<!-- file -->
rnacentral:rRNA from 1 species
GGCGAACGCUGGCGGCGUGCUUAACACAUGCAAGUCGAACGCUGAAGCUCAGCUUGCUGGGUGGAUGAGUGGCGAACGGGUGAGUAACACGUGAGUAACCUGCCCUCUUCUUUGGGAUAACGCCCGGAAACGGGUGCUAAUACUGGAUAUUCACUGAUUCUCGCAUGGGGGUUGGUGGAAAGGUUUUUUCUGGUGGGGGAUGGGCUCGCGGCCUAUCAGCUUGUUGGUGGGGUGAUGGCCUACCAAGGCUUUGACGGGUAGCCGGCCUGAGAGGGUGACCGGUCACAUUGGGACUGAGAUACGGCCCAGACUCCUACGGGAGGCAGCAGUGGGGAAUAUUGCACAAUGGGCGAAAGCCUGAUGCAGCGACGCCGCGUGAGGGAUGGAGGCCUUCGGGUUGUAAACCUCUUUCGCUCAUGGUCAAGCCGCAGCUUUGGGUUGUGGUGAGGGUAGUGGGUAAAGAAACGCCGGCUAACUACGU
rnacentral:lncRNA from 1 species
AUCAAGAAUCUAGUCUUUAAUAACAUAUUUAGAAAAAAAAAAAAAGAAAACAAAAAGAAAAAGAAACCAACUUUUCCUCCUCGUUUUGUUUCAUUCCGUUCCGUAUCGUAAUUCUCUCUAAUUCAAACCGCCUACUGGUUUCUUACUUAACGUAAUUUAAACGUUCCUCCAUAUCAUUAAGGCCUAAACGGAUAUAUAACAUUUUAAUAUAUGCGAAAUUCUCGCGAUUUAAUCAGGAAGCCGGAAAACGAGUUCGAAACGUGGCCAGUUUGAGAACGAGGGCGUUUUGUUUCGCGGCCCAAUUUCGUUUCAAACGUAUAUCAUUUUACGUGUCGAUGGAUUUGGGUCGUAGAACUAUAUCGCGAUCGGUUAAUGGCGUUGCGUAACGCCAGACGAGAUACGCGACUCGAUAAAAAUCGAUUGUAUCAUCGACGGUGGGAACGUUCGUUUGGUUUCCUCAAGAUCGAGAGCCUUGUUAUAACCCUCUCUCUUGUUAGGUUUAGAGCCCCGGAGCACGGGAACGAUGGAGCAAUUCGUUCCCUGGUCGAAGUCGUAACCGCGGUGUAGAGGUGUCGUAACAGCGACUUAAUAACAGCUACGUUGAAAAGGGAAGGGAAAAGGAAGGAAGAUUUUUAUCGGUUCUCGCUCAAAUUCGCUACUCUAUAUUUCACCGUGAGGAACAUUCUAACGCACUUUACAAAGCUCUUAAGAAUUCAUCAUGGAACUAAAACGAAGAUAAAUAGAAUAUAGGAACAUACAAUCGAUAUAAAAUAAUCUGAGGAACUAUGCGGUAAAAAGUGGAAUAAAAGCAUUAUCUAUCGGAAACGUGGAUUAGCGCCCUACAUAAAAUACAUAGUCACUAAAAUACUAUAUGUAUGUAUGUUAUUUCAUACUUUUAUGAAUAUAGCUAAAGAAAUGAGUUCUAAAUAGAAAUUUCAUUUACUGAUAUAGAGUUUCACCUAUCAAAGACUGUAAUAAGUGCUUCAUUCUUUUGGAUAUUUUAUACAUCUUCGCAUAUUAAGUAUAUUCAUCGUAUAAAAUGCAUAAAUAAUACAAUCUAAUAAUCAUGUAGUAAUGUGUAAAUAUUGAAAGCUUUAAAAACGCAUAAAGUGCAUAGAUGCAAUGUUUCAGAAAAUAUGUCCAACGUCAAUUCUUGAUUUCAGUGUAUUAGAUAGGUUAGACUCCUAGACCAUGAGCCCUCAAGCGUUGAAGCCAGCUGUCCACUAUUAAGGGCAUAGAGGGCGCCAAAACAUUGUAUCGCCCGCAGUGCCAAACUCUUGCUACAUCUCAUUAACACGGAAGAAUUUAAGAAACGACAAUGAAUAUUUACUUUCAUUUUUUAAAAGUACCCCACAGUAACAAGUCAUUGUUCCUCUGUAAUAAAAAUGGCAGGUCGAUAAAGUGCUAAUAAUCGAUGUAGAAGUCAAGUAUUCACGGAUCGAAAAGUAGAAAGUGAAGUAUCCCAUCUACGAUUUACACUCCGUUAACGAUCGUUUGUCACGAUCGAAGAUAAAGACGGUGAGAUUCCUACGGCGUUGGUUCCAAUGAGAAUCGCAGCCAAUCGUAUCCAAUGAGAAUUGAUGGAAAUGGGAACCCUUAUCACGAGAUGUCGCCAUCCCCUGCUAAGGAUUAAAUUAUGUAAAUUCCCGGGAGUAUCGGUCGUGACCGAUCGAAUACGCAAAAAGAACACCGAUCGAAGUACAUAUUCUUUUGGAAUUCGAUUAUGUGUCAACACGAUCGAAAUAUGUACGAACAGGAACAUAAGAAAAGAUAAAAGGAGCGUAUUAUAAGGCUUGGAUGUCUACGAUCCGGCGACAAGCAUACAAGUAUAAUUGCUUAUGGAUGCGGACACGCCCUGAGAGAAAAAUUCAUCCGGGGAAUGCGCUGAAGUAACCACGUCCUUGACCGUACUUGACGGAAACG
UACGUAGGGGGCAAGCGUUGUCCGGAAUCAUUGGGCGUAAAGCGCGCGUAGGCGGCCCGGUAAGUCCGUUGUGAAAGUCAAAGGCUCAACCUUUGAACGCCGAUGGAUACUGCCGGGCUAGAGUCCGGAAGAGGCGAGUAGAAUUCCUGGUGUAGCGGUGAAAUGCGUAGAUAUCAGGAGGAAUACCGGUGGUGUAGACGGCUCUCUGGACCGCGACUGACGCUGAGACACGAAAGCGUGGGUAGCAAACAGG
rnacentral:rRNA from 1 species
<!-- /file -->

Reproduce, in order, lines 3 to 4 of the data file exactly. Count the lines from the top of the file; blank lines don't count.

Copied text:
rnacentral:lncRNA from 1 species
AUCAAGAAUCUAGUCUUUAAUAACAUAUUUAGAAAAAAAAAAAAAGAAAACAAAAAGAAAAAGAAACCAACUUUUCCUCCUCGUUUUGUUUCAUUCCGUUCCGUAUCGUAAUUCUCUCUAAUUCAAACCGCCUACUGGUUUCUUACUUAACGUAAUUUAAACGUUCCUCCAUAUCAUUAAGGCCUAAACGGAUAUAUAACAUUUUAAUAUAUGCGAAAUUCUCGCGAUUUAAUCAGGAAGCCGGAAAACGAGUUCGAAACGUGGCCAGUUUGAGAACGAGGGCGUUUUGUUUCGCGGCCCAAUUUCGUUUCAAACGUAUAUCAUUUUACGUGUCGAUGGAUUUGGGUCGUAGAACUAUAUCGCGAUCGGUUAAUGGCGUUGCGUAACGCCAGACGAGAUACGCGACUCGAUAAAAAUCGAUUGUAUCAUCGACGGUGGGAACGUUCGUUUGGUUUCCUCAAGAUCGAGAGCCUUGUUAUAACCCUCUCUCUUGUUAGGUUUAGAGCCCCGGAGCACGGGAACGAUGGAGCAAUUCGUUCCCUGGUCGAAGUCGUAACCGCGGUGUAGAGGUGUCGUAACAGCGACUUAAUAACAGCUACGUUGAAAAGGGAAGGGAAAAGGAAGGAAGAUUUUUAUCGGUUCUCGCUCAAAUUCGCUACUCUAUAUUUCACCGUGAGGAACAUUCUAACGCACUUUACAAAGCUCUUAAGAAUUCAUCAUGGAACUAAAACGAAGAUAAAUAGAAUAUAGGAACAUACAAUCGAUAUAAAAUAAUCUGAGGAACUAUGCGGUAAAAAGUGGAAUAAAAGCAUUAUCUAUCGGAAACGUGGAUUAGCGCCCUACAUAAAAUACAUAGUCACUAAAAUACUAUAUGUAUGUAUGUUAUUUCAUACUUUUAUGAAUAUAGCUAAAGAAAUGAGUUCUAAAUAGAAAUUUCAUUUACUGAUAUAGAGUUUCACCUAUCAAAGACUGUAAUAAGUGCUUCAUUCUUUUGGAUAUUUUAUACAUCUUCGCAUAUUAAGUAUAUUCAUCGUAUAAAAUGCAUAAAUAAUACAAUCUAAUAAUCAUGUAGUAAUGUGUAAAUAUUGAAAGCUUUAAAAACGCAUAAAGUGCAUAGAUGCAAUGUUUCAGAAAAUAUGUCCAACGUCAAUUCUUGAUUUCAGUGUAUUAGAUAGGUUAGACUCCUAGACCAUGAGCCCUCAAGCGUUGAAGCCAGCUGUCCACUAUUAAGGGCAUAGAGGGCGCCAAAACAUUGUAUCGCCCGCAGUGCCAAACUCUUGCUACAUCUCAUUAACACGGAAGAAUUUAAGAAACGACAAUGAAUAUUUACUUUCAUUUUUUAAAAGUACCCCACAGUAACAAGUCAUUGUUCCUCUGUAAUAAAAAUGGCAGGUCGAUAAAGUGCUAAUAAUCGAUGUAGAAGUCAAGUAUUCACGGAUCGAAAAGUAGAAAGUGAAGUAUCCCAUCUACGAUUUACACUCCGUUAACGAUCGUUUGUCACGAUCGAAGAUAAAGACGGUGAGAUUCCUACGGCGUUGGUUCCAAUGAGAAUCGCAGCCAAUCGUAUCCAAUGAGAAUUGAUGGAAAUGGGAACCCUUAUCACGAGAUGUCGCCAUCCCCUGCUAAGGAUUAAAUUAUGUAAAUUCCCGGGAGUAUCGGUCGUGACCGAUCGAAUACGCAAAAAGAACACCGAUCGAAGUACAUAUUCUUUUGGAAUUCGAUUAUGUGUCAACACGAUCGAAAUAUGUACGAACAGGAACAUAAGAAAAGAUAAAAGGAGCGUAUUAUAAGGCUUGGAUGUCUACGAUCCGGCGACAAGCAUACAAGUAUAAUUGCUUAUGGAUGCGGACACGCCCUGAGAGAAAAAUUCAUCCGGGGAAUGCGCUGAAGUAACCACGUCCUUGACCGUACUUGACGGAAACG